Mel Buer:

Wasn’t Joe Brock briefly the main character on Twitter last week for responding to some folks about being a proud union buster and brought up his-

Dave Jamieson:

Yeah. Brock defended his line of work. I think he felt that in my series, I tended to write about some of the more colorful characters. Like my first story was about speaking of colorful to persuaders who went into a workplace under fake names, Jack Black and Alex Green. And another common thread I saw in all my research was frankly, a lot of persuaders not being forthcoming about who they are. I’m not saying about lying about their identities, but it’s clear in a lot of case notes and in workers’ testimony under oath that they didn’t always know who they were talking to or they couldn’t get a last name out of the consultant.

And there are reasons why consultants might want to hide their last names. They have backgrounds that they may not want workers poking around. And some of them, many of them, as you mentioned earlier, come out of unions. One guy I saw on board testimonies, he was writing in his notes, so-and-so was asking my last name today, suggesting that he wasn’t telling workers his last name. And this was a union official who had been, whose union while he was there had been put in a trusteeship and he was sued under this alleged scheme of no-show jobs and whatnot. And that was his break from the labor movement, and he turned up consulting.

So there are certain things that I think they don’t want workers to know about. Now in this extreme case, these guys literally used aliases and workers did not know who they were dealing with. Workers testified months later at a hearing referring to this guy under his fake name because that is what they knew. And it turned out this gentleman had a exact felony conviction for stalking in Florida, what I think is relevant information that workers might want to know.

And frankly, I think someone with that history might have a hard time getting work if people know about that sort of history. And so yeah, it is a very interesting world of, in that case, sort of overt deception if you want to say. And also sort of a more general among other persuaders, well, they don’t need to know my whole story here.

Mel Buer:

Right. In your third article in the series, you focused on the tactics that Union Busters use specifically against immigrant workers, especially in the last couple of decades. The organizing in the workplace has really focused a lot on including and bringing in immigrant workers as a key point in the labor movement and a key point in many industries in this country, which is a net positive in my opinion.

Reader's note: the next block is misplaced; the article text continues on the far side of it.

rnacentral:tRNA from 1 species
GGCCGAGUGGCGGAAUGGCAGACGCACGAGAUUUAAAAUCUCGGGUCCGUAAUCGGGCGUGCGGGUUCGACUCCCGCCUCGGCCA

What are some of the strategies that you found that are specifically targeted to dissuading immigrant workers from joining a union in the workplace, and how are consultants marketing themselves to these employers who use these tactics?

Dave Jamieson:

Yeah, it is a really sort of interesting sub-industry of the industry, which is why I wanted to write about it. This world of bilingual consultants who get called in basically when there’s a lot of Latino workers. And these are, in my research, turned out to be a lot of, in some cases, the most sort of lucrative campaigns on the consultant side because you’re talking about large facilities, say in food production, where there’s a lot of workers and a lot of them are Latin American immigrants.

And one case I wrote about was actually a small workplace in Philadelphia at a company called United Scrap Metal as a recycling facility where they brought in a bilingual consultant. And I had sort of their internal notes between the consultants and the company about sort of, how do they handle this? And it was just very interesting to see the consultants saying, “Well, we’ve done the breakdown and the support is primarily among the Honduran workers as opposed to the workers from Guatemala and El Salvador.”

And so they’re trying to get a read on the demographics at play during a union campaign. And one of the most interesting things I saw in all my research was in this case, I sort of developed this strategy of where, okay, we’re going to sort of equate the union with dictators, their words, from these workers’ home countries. And so the whole idea was to sort of appeal to workers’ backgrounds in a way that could make them question whether they could trust the union. And the union in this case was the Laborers International or LIUNA.

And so they actually created flyers equating the LIUNA with Juan Orlando Hernandez, the former president of Honduras who’s been indicted on drugs and arms charges in the US. And so these are the kinds of things you might see or hear about in a campaign involving immigrants that basically nobody hears about because this was a campaign that had nobody out on Twitter flogging support for the workers and that sort of thing.